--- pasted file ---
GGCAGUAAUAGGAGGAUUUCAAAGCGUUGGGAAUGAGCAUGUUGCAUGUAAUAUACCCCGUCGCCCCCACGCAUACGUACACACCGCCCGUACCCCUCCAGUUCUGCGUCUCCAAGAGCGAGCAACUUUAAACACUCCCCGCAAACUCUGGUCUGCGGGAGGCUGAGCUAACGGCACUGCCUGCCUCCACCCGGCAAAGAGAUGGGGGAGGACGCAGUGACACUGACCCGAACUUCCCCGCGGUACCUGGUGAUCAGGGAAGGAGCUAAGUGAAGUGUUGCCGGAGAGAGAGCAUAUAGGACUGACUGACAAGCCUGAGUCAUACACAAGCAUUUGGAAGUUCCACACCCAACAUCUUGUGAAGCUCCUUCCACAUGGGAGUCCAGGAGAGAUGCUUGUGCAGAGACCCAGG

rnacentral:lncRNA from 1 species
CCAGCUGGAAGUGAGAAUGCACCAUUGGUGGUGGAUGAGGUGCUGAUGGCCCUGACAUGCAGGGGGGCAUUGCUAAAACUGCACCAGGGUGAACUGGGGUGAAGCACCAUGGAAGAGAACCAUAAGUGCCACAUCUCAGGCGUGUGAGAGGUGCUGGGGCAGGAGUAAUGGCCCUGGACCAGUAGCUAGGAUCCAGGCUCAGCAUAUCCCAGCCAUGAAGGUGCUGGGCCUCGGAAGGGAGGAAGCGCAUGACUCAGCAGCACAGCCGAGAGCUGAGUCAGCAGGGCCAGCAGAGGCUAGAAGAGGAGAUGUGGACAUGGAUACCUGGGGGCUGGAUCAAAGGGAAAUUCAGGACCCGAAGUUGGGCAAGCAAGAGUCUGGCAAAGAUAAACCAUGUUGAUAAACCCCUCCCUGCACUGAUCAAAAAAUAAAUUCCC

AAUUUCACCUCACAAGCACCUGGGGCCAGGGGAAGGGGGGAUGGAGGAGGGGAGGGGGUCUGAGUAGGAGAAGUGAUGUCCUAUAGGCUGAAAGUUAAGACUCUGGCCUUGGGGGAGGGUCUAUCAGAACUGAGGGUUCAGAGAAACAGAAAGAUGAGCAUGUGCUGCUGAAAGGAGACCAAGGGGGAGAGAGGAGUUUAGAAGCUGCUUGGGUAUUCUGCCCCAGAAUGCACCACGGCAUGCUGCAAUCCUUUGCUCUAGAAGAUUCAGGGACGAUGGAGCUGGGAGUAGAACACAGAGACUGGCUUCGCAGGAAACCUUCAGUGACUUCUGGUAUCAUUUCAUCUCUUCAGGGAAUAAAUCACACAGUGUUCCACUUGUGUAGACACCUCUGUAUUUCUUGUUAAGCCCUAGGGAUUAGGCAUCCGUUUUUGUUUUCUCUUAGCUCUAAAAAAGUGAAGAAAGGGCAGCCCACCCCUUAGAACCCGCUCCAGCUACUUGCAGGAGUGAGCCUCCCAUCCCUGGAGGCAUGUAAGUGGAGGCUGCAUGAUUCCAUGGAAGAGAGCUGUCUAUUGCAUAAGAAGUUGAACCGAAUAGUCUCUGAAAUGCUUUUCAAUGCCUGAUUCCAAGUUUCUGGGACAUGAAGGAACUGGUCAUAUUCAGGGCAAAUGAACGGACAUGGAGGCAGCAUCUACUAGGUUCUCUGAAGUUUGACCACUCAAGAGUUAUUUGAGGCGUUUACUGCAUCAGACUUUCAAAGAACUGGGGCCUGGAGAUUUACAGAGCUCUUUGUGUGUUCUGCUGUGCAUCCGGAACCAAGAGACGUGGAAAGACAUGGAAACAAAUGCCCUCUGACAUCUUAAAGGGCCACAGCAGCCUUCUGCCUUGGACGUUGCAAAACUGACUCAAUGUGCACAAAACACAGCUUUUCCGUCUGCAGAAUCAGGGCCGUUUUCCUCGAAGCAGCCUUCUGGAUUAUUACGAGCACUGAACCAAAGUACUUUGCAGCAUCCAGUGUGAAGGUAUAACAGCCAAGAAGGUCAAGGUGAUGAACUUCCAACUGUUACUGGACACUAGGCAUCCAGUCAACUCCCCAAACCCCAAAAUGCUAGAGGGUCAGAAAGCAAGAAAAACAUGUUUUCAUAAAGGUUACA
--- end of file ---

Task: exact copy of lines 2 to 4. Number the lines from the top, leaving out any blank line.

rnacentral:lncRNA from 1 species
CCAGCUGGAAGUGAGAAUGCACCAUUGGUGGUGGAUGAGGUGCUGAUGGCCCUGACAUGCAGGGGGGCAUUGCUAAAACUGCACCAGGGUGAACUGGGGUGAAGCACCAUGGAAGAGAACCAUAAGUGCCACAUCUCAGGCGUGUGAGAGGUGCUGGGGCAGGAGUAAUGGCCCUGGACCAGUAGCUAGGAUCCAGGCUCAGCAUAUCCCAGCCAUGAAGGUGCUGGGCCUCGGAAGGGAGGAAGCGCAUGACUCAGCAGCACAGCCGAGAGCUGAGUCAGCAGGGCCAGCAGAGGCUAGAAGAGGAGAUGUGGACAUGGAUACCUGGGGGCUGGAUCAAAGGGAAAUUCAGGACCCGAAGUUGGGCAAGCAAGAGUCUGGCAAAGAUAAACCAUGUUGAUAAACCCCUCCCUGCACUGAUCAAAAAAUAAAUUCCC

AAUUUCACCUCACAAGCACCUGGGGCCAGGGGAAGGGGGGAUGGAGGAGGGGAGGGGGUCUGAGUAGGAGAAGUGAUGUCCUAUAGGCUGAAAGUUAAGACUCUGGCCUUGGGGGAGGGUCUAUCAGAACUGAGGGUUCAGAGAAACAGAAAGAUGAGCAUGUGCUGCUGAAAGGAGACCAAGGGGGAGAGAGGAGUUUAGAAGCUGCUUGGGUAUUCUGCCCCAGAAUGCACCACGGCAUGCUGCAAUCCUUUGCUCUAGAAGAUUCAGGGACGAUGGAGCUGGGAGUAGAACACAGAGACUGGCUUCGCAGGAAACCUUCAGUGACUUCUGGUAUCAUUUCAUCUCUUCAGGGAAUAAAUCACACAGUGUUCCACUUGUGUAGACACCUCUGUAUUUCUUGUUAAGCCCUAGGGAUUAGGCAUCCGUUUUUGUUUUCUCUUAGCUCUAAAAAAGUGAAGAAAGGGCAGCCCACCCCUUAGAACCCGCUCCAGCUACUUGCAGGAGUGAGCCUCCCAUCCCUGGAGGCAUGUAAGUGGAGGCUGCAUGAUUCCAUGGAAGAGAGCUGUCUAUUGCAUAAGAAGUUGAACCGAAUAGUCUCUGAAAUGCUUUUCAAUGCCUGAUUCCAAGUUUCUGGGACAUGAAGGAACUGGUCAUAUUCAGGGCAAAUGAACGGACAUGGAGGCAGCAUCUACUAGGUUCUCUGAAGUUUGACCACUCAAGAGUUAUUUGAGGCGUUUACUGCAUCAGACUUUCAAAGAACUGGGGCCUGGAGAUUUACAGAGCUCUUUGUGUGUUCUGCUGUGCAUCCGGAACCAAGAGACGUGGAAAGACAUGGAAACAAAUGCCCUCUGACAUCUUAAAGGGCCACAGCAGCCUUCUGCCUUGGACGUUGCAAAACUGACUCAAUGUGCACAAAACACAGCUUUUCCGUCUGCAGAAUCAGGGCCGUUUUCCUCGAAGCAGCCUUCUGGAUUAUUACGAGCACUGAACCAAAGUACUUUGCAGCAUCCAGUGUGAAGGUAUAACAGCCAAGAAGGUCAAGGUGAUGAACUUCCAACUGUUACUGGACACUAGGCAUCCAGUCAACUCCCCAAACCCCAAAAUGCUAGAGGGUCAGAAAGCAAGAAAAACAUGUUUUCAUAAAGGUUACA